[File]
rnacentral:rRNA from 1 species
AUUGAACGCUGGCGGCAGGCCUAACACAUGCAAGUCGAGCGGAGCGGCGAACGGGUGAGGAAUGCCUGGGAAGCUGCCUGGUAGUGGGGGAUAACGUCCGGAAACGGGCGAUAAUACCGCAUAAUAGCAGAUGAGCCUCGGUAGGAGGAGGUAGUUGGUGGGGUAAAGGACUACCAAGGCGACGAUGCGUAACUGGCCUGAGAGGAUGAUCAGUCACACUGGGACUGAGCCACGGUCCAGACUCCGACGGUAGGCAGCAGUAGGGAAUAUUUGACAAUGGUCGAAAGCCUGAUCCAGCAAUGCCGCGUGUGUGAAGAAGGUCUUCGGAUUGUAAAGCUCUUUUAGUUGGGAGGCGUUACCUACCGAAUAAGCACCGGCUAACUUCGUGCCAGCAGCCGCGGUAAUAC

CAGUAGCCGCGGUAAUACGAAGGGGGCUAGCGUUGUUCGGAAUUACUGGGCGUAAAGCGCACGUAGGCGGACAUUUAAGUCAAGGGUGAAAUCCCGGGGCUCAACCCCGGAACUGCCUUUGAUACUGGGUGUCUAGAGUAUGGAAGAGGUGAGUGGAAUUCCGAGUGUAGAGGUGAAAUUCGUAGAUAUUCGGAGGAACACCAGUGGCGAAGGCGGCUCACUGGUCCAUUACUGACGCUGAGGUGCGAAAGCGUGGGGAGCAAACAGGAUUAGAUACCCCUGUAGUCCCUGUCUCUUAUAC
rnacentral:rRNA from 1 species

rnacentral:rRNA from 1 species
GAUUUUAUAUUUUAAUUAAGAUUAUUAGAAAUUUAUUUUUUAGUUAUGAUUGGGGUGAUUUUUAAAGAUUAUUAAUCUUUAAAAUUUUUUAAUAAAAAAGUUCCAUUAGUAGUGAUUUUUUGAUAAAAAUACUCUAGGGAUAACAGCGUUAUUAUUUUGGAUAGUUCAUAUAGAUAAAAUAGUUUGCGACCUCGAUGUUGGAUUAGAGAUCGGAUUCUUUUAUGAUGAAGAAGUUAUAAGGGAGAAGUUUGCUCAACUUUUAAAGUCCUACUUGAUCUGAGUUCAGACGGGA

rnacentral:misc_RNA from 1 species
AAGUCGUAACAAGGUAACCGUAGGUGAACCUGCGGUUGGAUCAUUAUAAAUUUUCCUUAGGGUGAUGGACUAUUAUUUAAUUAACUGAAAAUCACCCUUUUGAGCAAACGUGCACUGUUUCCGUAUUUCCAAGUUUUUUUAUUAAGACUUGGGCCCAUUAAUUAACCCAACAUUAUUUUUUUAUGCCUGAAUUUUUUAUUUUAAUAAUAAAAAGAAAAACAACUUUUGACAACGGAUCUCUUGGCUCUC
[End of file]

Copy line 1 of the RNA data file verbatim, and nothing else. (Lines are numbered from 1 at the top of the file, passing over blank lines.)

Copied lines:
rnacentral:rRNA from 1 species